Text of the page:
We know that we are living longer and healthier lives – we hear it all the time. Still, sometimes it seems as though old age catches up to all of us in the end. In that regard it’s been a slightly depressing week for Canadians. Regardless of your politics you might have heard that the ageing process has not been kind to two of our political icons: Ralph Klein and Dan Heap.
Our hearts certainly go out to Mr. Heap, the former Spadina MP and social justice crusader who is now languishing away on awaiting Long-Term Care placement. It seems strange to hear that a young Ralph (dubbed “King”) Klein is suffering from frontotemporal dementia and headed to a Long Term Care facility. Vulnerability is not an adjective that would have ever come to mind when describing the boisterous and outspoken former Alberta Premier. Events such as these can only remind us that we must all eventually pay the piper. But does getting older necessarily entail that we become fragile ? Do we all inevitably end up in Long Term Care?
Today, age is no longer synonymous with infirmity. In this two part series, we will first examine the changing face of ageing and ask whether a positive outlook is actually tied to better outcomes. Subsequently, we will investigate what happens in case we do become incapacitated.
An Unprecedented Era in Human Evolution
And now for some good news: it’s an incredible time to be part of human history. According to health and longevity researcher Robert W. Fogel of the University of Chicago, over the past 100 years “humans in the industrialized world have undergone a form of evolution that is unique among the 7, 000 or so generations of humans who have inhabited the earth.” In other words, we are much bigger, more robust and stronger than our ancestors. This has important implications for how we view and think of ageing in the future.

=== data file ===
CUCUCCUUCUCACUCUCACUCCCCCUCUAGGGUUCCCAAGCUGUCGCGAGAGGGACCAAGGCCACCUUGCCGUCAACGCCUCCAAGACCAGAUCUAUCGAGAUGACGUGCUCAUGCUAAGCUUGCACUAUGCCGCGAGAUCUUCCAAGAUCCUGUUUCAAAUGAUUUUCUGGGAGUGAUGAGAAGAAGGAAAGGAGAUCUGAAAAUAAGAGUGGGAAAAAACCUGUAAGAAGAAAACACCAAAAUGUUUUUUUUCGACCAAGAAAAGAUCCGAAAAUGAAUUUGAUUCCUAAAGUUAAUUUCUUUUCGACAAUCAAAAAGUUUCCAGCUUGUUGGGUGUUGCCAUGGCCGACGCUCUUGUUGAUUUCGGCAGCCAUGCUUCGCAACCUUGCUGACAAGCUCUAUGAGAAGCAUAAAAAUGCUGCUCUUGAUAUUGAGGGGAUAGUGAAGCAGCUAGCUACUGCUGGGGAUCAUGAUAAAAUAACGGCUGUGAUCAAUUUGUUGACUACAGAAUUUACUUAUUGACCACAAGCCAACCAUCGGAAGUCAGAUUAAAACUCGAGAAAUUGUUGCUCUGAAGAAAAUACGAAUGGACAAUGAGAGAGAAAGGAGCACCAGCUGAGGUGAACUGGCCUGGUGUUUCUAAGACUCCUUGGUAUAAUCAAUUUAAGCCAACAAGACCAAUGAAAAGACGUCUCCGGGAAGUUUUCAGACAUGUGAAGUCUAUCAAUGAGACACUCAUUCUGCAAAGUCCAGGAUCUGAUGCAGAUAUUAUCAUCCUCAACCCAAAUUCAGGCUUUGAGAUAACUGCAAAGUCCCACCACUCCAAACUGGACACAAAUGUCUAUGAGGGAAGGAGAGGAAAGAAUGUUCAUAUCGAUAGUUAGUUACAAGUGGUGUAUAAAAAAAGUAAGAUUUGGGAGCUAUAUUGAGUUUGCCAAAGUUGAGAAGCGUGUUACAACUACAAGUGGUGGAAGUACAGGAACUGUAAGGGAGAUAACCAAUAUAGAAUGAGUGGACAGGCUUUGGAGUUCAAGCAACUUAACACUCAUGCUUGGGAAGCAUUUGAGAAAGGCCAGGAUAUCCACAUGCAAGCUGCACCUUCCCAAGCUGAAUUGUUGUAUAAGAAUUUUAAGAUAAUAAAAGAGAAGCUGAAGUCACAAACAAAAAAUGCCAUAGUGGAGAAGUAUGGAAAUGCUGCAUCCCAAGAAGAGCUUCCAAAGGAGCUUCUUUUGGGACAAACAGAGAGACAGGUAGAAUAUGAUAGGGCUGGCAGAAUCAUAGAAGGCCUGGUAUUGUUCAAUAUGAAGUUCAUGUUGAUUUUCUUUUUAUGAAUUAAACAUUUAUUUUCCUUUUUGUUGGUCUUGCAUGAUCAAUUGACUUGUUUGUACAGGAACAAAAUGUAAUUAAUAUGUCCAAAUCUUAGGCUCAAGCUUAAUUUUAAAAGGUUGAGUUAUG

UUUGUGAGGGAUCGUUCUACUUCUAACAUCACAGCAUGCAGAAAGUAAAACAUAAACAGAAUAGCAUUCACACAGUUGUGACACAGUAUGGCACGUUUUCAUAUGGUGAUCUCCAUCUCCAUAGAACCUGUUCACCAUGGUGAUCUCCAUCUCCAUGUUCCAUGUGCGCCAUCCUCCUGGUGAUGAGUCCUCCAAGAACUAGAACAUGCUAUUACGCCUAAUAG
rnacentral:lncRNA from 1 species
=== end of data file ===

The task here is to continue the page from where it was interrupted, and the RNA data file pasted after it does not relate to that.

Heart and lung diseases as well as arthritis are occurring 10 to 25 years later than they used to and there is less disability among older people today. You may, as I did, wonder how researchers are able to determine all of this. The desire to understand the causes of good health and longevity obviously drives many scientists. Although there is no one right answer, some leading theories have emerged. They paint a fascinating picture. Some of these findings may surprise you!
It is a commonly held belief that we keep people alive with the help of modern medicines but that the quality of life has not really improved. In order to draw conclusions about changing health – researchers need good samples of valid data. Dr. Fogel and his colleagues found an ideal opportunity to study the problem: they analyzed a sample of 50, 000 Union Army Veterans – the first generation to turn 65 during the 20th century. They compared the vets’ health data found with the health outcomes experienced by seniors today. They found that people at the turn of the century were not just sicker but that they were sicker much longer than they are today. According to Fogel, 65% of American men 18-25 signed up to serve in the Union Army during the Civil War.
Obviously there are always outliers: people who lived longer healthy lives then and people today who become gravely ill early on in life now. On the whole, however, improvements in health and longevity have been measured in all of the industrialized populations where these studies have been performed. In 1900, 12% of people who were 65 could expect live to be 85 compared with nearly 50% today. It used to be that 80% of American men had heart disease by the time they were 60 compared with less than 50% today. These changes have also been accompanied by significant changes in our physiology – American men are now 3 inches taller and 50 pounds heavier than they were 100 years ago.
The Barker Hypothesis